The risks and challenges of unemployment worry me each passing day, seeing the youth, the future of the Nation, scattered all over our streets, if not cleaning the windscreens of random vehicles or begging for alms then just pickpocketing or robbing with arms. I always think about Ghana in 5 to 10 years time, when all these young people have still not been catered for and have been left at the mercy of the streets. How secure will our Nation be? It puzzles me each time I read news about missing children, bodies of missing people found, young people killing their friends for blood money, frauds of any kind and more.
The elephant in the room, unemployment, is dreaded even among the legislators like that wound on the lion’s limb, which nobody dares to touch.
While I have been looking for mind-stimulating experiences and programs like these but for many reasons (like Covid-19), they have been almost impossible to find. It is an honor to have been given this opportunity to write about my experience. What a joy it was to understand that my peers also had similar thinking as mine! I wish programs and conversations like these will keep happening to refresh our minds and remind us of the role we need to play in the development of our nation as young people.
I’m Amma Odamea Amoako, a Digital Marketer and Brand Strategist by passion and profession, an Ambassador to Ghana for the Federation of International Gender and Human Rights, a Communications Assistant at Organic Trade and Investments, and a young leadership growth enthusiast. My enthusiasm towards young leadership heightened my interest to attend the African Policy Dialogue to share experiences, discuss the challenges of the youth, and suggest the way forward and network with like-minded people.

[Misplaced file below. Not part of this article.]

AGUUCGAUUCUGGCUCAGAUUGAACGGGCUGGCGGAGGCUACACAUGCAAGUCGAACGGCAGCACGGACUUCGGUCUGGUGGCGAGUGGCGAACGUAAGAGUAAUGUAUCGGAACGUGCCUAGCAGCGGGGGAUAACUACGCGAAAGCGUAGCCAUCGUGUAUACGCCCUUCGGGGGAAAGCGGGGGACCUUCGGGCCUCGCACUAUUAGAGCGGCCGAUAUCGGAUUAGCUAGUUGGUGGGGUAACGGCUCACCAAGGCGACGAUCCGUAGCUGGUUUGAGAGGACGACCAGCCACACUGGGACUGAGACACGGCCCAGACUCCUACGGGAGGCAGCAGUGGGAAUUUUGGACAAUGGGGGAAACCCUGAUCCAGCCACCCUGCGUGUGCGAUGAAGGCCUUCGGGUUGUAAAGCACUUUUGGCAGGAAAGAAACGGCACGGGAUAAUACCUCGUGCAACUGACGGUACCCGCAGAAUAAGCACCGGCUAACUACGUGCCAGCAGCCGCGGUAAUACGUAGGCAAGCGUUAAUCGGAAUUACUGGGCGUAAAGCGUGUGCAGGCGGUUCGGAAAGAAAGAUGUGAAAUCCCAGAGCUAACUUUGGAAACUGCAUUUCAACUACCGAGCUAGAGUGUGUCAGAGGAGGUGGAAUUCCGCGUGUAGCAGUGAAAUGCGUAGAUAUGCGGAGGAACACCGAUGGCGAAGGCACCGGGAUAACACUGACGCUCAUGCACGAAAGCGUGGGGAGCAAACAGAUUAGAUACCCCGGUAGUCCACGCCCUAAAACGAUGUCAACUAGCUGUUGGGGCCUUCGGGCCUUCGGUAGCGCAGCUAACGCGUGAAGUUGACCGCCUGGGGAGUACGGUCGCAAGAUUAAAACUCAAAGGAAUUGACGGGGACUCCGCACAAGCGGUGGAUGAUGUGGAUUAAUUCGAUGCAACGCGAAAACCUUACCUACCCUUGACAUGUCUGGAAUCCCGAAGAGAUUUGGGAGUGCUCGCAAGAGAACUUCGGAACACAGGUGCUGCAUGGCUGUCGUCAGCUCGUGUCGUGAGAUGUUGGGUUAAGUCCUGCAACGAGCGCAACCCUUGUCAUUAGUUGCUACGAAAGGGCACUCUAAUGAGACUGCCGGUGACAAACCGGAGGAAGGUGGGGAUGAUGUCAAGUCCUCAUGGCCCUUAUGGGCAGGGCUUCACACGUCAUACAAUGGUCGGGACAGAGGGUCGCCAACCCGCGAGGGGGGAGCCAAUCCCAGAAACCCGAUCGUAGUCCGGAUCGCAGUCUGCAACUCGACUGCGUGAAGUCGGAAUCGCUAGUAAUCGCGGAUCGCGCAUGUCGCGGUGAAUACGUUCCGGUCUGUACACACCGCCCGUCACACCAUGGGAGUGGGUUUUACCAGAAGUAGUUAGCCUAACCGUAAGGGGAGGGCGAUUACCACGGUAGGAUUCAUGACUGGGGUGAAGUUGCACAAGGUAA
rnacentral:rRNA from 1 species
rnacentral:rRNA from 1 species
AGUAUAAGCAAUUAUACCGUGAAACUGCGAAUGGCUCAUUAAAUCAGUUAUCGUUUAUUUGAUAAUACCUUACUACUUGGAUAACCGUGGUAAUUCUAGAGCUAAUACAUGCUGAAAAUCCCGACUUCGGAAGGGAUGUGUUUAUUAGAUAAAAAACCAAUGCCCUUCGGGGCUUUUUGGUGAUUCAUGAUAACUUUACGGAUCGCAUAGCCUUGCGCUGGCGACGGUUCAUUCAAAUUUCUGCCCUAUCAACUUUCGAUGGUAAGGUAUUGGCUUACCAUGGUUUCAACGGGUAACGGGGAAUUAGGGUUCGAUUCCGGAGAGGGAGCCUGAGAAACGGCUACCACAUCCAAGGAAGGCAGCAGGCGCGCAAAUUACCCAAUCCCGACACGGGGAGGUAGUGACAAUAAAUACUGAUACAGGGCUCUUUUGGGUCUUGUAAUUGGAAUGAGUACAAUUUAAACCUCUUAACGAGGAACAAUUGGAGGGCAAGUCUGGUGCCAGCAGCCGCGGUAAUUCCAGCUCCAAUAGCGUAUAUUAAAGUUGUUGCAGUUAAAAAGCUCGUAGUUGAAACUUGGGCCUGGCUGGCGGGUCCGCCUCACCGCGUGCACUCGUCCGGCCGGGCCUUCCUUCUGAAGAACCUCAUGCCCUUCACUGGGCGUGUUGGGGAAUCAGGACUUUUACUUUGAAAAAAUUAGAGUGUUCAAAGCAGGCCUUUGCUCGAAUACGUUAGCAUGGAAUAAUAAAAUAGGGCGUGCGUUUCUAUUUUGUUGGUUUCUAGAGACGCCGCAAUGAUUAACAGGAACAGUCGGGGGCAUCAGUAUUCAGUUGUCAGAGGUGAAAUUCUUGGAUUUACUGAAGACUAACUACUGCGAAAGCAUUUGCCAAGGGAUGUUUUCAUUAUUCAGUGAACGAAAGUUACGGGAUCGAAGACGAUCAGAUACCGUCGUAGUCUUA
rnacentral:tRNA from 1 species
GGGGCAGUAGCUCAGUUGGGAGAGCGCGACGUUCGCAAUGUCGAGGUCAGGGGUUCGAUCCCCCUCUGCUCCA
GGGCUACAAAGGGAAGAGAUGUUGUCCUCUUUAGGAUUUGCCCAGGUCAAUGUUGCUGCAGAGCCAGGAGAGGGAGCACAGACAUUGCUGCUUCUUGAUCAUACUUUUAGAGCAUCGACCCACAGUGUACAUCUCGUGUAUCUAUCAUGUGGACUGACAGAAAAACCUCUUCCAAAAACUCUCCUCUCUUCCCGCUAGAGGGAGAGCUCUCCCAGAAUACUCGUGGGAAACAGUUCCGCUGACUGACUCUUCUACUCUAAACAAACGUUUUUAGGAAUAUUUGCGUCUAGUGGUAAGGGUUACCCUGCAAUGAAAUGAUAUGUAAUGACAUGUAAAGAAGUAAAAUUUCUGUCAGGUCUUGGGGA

The program was well organized with exciting breakout sessions. The group discussions were intriguing and allowed me to learn from people with diverse backgrounds and gave the opportunity to present my group’s submission.
As mentioned by Prof. Baah-Boateng in his presentation, Youth Employment in Ghana, “Young people between 15 to 35 years are becoming more educated, enlightened, and exposed due to globalization and technological advancements. The challenge however is that the youth bear the brunt of high unemployment, joblessness and endure a poor quality of employment”.
Lots of factors contributing to the high unemployment rate were brought to the fore and one that stood out was the complexity and cumbersomeness of the structures put in place for entrepreneurship in Ghana. Another was the fact that our educational system from the basic level gets interfered as the result of any political party change, hence there’s no one plan for holistic education in Ghana. Young people just want to take exams, pass, get a good class and have zero understanding of the courses they studied. The skillset of the youth labor mostly doesn’t match the job market requirements. The points raised are inexhaustible.
The problem of society pushing everybody into education was also touched on and my key takeaway was the fact that TVET, Technical training, and other hand skills will reduce Youth Unemployment.
The session with Nestle, though short, made me understand that if the system was conducive enough for the private sector to thrive, youth unemployment would reduce because they would have enough resources to champion these transformational change projects. Nestle mentioned intervention programs like Nesternship, CV Classes, agripreneurship, mentorship, and many more. I just hope other private companies will replicate this.
I believe this dialogue shouldn’t end here but more stakeholders should come on board to have these conversations. If possible, this session should be held in the presence of key stakeholders in a decision-making context relating to Ghana. I would personally want to ask them certain questions.
On a lighter note, my expectations were met, I was able to network with my peers and have meaningful discussions. I was struck by the adherence to Covid 19 protocols.